Suppose that rather than racing to commercialise space tourism, Musk, Bezos and Branson were competing to create jobs in South Africa.

The term, ‘conspicuous consumption’, was coined by sociologist Thorstein Veblen to describe seemingly irrational displays of wealth. He argued that there were benefits to such flaunting and that extreme concentrations of wealth could serve the common good by accelerating advances.

While commercialising space tourism represents important progress, sharply reducing South Africa’s unemployment would immediately benefit far more people. Nowadays, a nation’s living standards are determined by the productivity of its workforce. Persistently high youth unemployment presages decades of economic weakness.

Imagine Musk, Bezos, and Branson competing for three years to create the most jobs in South Africa. Further envisage that the contest requires them to act anonymously and restricts their financial resources to, say, ten million dollars. They would have to rely on their abilities to identify opportunities and design solutions. We can’t imagine what they would do, but a few things can be reasonably presumed.

We can be highly confident that they would not frame the challenge within a South African context. Nor would their solutions be something that could have, and should have, been done in the ‘70s, or ‘90s or early this century. Rather than dwell on South Africa’s competitive disadvantages, they would freshly appraise the relevance of our would-be workers given unfolding global trends. A three-year time frame would probably force them to do so while leveraging what currently exists.

The roots of South Africa’s unemployment crisis are domestic. In barely a generation, the Asian approach to development has created over half a billion jobs by focusing on adding value within existing supply chains. The global economy is amazingly integrated and awash with capital looking for promising initiatives. The global supply of low-skilled labour has tightened rapidly. China is aggressively seeking to reverse how its workforce is contracting.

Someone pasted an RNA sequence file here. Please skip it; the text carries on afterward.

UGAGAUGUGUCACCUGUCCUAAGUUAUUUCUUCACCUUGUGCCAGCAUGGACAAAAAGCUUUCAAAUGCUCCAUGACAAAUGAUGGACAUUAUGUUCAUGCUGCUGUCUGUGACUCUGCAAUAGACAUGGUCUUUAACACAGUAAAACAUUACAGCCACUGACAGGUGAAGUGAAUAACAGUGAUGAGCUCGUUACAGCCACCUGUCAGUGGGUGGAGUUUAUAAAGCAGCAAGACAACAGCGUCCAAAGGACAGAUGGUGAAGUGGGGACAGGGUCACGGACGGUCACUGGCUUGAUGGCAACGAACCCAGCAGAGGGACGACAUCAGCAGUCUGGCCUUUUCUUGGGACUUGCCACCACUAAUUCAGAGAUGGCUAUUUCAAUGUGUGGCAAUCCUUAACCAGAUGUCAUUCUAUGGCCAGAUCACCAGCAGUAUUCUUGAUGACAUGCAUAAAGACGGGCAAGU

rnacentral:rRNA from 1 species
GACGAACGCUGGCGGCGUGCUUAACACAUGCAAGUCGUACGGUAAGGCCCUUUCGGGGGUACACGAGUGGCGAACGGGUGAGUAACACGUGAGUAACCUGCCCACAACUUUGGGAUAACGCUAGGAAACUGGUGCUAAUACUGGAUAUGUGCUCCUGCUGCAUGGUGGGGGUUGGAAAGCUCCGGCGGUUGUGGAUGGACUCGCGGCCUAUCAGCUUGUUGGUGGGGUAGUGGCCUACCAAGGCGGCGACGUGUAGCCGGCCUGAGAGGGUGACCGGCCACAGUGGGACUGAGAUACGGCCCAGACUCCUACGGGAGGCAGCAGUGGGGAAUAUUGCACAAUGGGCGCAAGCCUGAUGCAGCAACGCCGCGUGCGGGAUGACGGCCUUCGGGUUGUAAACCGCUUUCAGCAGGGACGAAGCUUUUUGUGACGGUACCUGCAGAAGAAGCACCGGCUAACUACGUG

Few jobs

In sharp contrast to the Asian model, top South African companies like Investec, Discovery and Nandos expand internationally by replicating their South African business models, or – as with Woolworths – by purchasing foreign operations. Such international expansion strategies create few jobs in South Africa.

Bezos’ knowledge of global supply chains would seem to give him a massive advantage. Branson is older and more old school. Yet his marketing creativity could be ideal for packaging the warmth and humanness that could swiftly make large numbers of South Africans globally relevant through personalising existing products and services.  While Musk is probably the boldest and perhaps the most creative of the three, it is his AI expertise that could give him a decisive edge.

Every country can absorb a certain volume of low-skilled labour. South Africa’s supply of low-skilled labour is extremely high relative to the economy’s capacity to absorb such workers. Conversely, in some countries the situation tilts in the opposite direction. Few countries are as out of balance as South Africa. However, it seems unlikely that any of the contestants could finagle a large-scale emigration scheme within three, or even ten, years.